“I think it was early elementary [school] when I was told that I could not be as good at math as the boys.” – Emily, Girl Guide National Youth Council member
Whether they’re in elementary school or high school, gender inequality is definitely a very real part of girls’ lives. How do we know? We went to the ultimate experts – girls themselves. What girls told us was revealing, but maybe not all that surprising. The uncomfortable truth is that lagging gender equality might just be fencing girls in.
As Canada marks its first ever Gender Equality Week , we’re taking a look at how the equality equation is working out for Canadian girls. After all, listening to what’s happening in girls’ lives is something we do every day at Girl Guides of Canada.
While young people have unique experiences with gender inequality – in the classroom, on the sports field, in their part-time jobs and beyond – we know girls’ voices often go unheard. That’s why we recently partnered with Ipsos in commissioning a nationwide survey to ask young people about gender equality and uncover the reality. Here’s what girls ages 12-17 told us:
- 64% of girls are concerned about gender inequality today
- Looking ahead to when they’re 25 years old, girls are worried about how they’ll be treated as adults – because of their gender:
- 55% of girls are concerned they’ll be treated unequally or unfairly at work because of their gender
- 47% of girls are concerned that they’ll be treated unequally or unfairly in the interests or activities they pursue because of their gender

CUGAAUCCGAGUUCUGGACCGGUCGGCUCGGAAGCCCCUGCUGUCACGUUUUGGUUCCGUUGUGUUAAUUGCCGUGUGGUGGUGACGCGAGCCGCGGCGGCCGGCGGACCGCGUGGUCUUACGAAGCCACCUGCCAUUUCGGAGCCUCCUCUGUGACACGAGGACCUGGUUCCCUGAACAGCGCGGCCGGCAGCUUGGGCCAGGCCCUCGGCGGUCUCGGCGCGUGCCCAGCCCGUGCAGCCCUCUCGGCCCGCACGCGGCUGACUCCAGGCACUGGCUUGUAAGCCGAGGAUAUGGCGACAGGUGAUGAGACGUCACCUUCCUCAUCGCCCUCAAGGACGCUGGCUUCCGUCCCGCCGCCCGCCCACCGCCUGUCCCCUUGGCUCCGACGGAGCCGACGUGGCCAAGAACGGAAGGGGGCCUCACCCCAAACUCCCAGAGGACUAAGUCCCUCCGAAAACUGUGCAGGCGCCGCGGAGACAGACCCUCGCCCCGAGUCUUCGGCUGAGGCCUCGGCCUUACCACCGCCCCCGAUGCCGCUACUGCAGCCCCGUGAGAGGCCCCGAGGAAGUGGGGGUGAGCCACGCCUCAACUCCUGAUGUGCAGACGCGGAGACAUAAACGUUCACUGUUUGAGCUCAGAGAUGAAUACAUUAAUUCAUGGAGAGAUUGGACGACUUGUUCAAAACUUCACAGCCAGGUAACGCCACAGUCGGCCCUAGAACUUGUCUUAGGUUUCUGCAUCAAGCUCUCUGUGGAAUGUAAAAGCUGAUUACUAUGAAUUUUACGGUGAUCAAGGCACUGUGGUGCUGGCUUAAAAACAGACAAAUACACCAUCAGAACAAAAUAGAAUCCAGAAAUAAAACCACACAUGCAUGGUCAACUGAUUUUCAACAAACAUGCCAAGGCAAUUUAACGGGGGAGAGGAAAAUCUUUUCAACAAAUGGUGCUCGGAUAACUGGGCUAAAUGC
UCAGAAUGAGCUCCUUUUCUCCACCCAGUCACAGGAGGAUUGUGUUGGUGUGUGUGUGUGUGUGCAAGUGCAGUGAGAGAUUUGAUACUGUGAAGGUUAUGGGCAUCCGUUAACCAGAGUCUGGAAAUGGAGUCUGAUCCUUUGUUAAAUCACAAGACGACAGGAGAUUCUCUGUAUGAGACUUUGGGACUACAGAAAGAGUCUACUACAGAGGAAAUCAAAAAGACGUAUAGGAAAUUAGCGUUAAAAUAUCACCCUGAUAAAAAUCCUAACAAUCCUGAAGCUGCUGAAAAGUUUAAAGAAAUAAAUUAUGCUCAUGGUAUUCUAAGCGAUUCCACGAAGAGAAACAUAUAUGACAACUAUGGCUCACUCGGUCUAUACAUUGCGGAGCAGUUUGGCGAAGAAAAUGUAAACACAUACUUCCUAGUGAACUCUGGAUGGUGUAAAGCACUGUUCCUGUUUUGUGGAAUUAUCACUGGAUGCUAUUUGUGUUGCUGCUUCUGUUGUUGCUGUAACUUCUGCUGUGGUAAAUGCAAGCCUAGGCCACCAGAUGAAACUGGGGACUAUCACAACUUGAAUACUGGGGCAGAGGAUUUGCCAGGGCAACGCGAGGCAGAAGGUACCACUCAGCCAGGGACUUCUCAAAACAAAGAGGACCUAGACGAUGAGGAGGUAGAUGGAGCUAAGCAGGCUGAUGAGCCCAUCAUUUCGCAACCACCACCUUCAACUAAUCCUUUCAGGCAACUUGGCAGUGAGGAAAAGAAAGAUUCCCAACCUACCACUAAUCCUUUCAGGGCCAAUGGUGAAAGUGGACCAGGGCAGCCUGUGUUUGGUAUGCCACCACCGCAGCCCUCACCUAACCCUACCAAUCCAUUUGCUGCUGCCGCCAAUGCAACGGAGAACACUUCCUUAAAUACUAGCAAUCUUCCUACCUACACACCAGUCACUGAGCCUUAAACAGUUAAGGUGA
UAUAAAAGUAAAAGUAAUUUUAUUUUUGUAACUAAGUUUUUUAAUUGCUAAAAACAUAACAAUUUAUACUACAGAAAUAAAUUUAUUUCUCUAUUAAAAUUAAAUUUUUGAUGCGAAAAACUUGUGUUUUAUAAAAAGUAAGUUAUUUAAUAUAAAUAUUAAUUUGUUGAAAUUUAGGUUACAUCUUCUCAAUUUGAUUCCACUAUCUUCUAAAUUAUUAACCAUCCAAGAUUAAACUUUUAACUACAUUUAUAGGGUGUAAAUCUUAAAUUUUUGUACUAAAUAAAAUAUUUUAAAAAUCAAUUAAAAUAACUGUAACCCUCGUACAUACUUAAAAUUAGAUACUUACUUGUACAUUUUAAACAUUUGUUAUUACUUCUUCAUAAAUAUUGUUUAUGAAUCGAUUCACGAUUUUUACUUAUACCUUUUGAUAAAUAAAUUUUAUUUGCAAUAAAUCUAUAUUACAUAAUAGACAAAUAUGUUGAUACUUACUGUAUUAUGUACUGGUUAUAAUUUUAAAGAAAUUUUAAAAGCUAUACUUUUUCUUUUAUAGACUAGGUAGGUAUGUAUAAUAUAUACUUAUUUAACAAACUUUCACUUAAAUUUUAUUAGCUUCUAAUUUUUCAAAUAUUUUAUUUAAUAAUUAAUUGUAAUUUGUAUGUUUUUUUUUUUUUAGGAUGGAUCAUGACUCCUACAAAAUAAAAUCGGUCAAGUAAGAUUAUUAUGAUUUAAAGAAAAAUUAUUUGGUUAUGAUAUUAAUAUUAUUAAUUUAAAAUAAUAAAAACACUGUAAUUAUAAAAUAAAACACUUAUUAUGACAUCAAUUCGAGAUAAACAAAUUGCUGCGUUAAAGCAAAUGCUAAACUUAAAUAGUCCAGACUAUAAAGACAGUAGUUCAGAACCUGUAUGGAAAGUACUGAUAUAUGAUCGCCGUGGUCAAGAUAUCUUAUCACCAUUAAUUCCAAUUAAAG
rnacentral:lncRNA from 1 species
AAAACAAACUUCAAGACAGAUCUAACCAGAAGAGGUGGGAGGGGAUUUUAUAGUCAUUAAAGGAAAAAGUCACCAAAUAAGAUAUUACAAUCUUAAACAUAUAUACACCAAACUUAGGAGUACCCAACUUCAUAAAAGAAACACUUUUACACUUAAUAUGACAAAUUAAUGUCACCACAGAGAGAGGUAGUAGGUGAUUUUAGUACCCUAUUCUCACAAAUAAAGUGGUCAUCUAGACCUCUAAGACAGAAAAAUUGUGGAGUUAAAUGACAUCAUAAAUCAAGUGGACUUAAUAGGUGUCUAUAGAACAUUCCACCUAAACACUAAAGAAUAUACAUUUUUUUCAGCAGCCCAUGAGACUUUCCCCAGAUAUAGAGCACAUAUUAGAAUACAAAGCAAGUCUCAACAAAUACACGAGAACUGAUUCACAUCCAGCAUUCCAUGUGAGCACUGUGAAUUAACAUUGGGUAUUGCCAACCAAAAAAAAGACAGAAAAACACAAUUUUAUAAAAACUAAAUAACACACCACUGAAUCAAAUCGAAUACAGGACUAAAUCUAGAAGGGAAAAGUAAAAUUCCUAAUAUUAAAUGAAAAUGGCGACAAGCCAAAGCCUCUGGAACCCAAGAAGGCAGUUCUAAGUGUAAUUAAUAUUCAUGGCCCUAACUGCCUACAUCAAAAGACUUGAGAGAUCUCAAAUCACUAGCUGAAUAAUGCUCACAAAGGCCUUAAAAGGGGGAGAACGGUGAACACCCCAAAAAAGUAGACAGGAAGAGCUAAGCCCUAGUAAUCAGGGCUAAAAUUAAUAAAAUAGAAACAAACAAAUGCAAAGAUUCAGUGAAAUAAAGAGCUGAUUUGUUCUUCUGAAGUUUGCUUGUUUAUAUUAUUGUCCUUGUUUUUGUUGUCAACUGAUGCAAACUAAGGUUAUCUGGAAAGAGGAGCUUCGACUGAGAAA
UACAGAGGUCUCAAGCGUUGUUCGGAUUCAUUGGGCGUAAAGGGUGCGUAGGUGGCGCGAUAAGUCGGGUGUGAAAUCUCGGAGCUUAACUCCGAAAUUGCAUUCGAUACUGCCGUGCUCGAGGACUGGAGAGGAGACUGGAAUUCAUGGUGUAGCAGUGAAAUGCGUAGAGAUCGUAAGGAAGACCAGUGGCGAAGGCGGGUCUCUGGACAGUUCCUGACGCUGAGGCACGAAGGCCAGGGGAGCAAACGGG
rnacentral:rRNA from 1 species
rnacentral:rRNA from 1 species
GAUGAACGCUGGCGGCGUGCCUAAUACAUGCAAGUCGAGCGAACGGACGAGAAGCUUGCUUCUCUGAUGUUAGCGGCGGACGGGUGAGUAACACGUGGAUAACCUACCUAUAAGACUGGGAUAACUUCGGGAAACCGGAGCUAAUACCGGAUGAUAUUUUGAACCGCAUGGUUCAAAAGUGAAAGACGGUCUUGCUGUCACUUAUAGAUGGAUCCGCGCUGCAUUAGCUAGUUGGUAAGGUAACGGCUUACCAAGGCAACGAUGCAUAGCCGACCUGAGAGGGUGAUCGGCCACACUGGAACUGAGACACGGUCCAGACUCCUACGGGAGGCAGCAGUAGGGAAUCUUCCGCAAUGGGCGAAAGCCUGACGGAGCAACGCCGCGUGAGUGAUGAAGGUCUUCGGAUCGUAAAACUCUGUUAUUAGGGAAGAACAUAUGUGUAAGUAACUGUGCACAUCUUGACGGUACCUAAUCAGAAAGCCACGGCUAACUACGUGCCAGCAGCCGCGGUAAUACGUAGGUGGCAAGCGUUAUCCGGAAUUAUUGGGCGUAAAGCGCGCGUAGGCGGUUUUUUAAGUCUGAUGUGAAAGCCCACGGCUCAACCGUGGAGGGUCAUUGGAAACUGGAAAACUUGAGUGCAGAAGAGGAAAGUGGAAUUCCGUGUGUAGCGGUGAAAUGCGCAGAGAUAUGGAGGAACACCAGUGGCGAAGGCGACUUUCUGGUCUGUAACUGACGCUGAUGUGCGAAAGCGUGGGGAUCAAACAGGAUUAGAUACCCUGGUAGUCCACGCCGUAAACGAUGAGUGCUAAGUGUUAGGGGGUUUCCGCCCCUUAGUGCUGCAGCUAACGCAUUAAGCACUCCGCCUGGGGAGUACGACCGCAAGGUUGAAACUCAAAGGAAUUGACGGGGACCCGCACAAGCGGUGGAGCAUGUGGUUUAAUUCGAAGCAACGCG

- 42% of girls are concerned that they’ll be treated unequally or unfairly by the public in general because of their gender
Overall, the survey showed that girls are more concerned than boys about gender equality – both now and in the future.
But how is gender equality really working out for girls?
Beyond the disheartening reality of what the numbers reveal, members of our National Youth Council shared some of their own personal experiences:
“I observe inequality between men/boys and women/girls in society daily. Whether it is in the media or at school, etc., I feel that the inequality barriers facing girls and women are affecting their abilities to live up to their full potential and achieve their dreams.” – Sophie, National Youth Council member
“The fight for more female representation in different career fields, school, politics, and home is not nearly over. Men still hold more power and make more money. There is especially an issue in inequality between men and POC [people of colour], LGTBQ+, and non-able bodied people.” – Anonymous, National Youth Council member
It’s clear girls not only feel the impact of inequity in their daily lives but are also discouraged about the inequities they’ll face in their futures. Let’s consider the consequences of what this means. Girls’ aspirations might change, they might dial back their ambitions – simply because of what they’ll face because of their gender.
Girls empowering girls – it’s a powerful thing
All of this reinforces the importance for girl-driven spaces – for the kind of gender-specific programming that addresses girls’ needs, facilitated by women mentors in an all-girls space like Guiding where every leadership opportunity is open to girls. Girls in Guiding cheer each other on as they work towards their goals. They listen to each other, inspire and empower each other – knowing they won’t be judged and don’t have to hold back.
“I stand for gender equality and believe women’s rights are important.” – Caitriona, National Youth Council member
The good news is there’s resilience and resistance among girls today. They’re pursuing their interests and still dreaming about their future. They’re fierce and engaged in standing up for what they believe in – a world where simply being a girl won’t hold them back.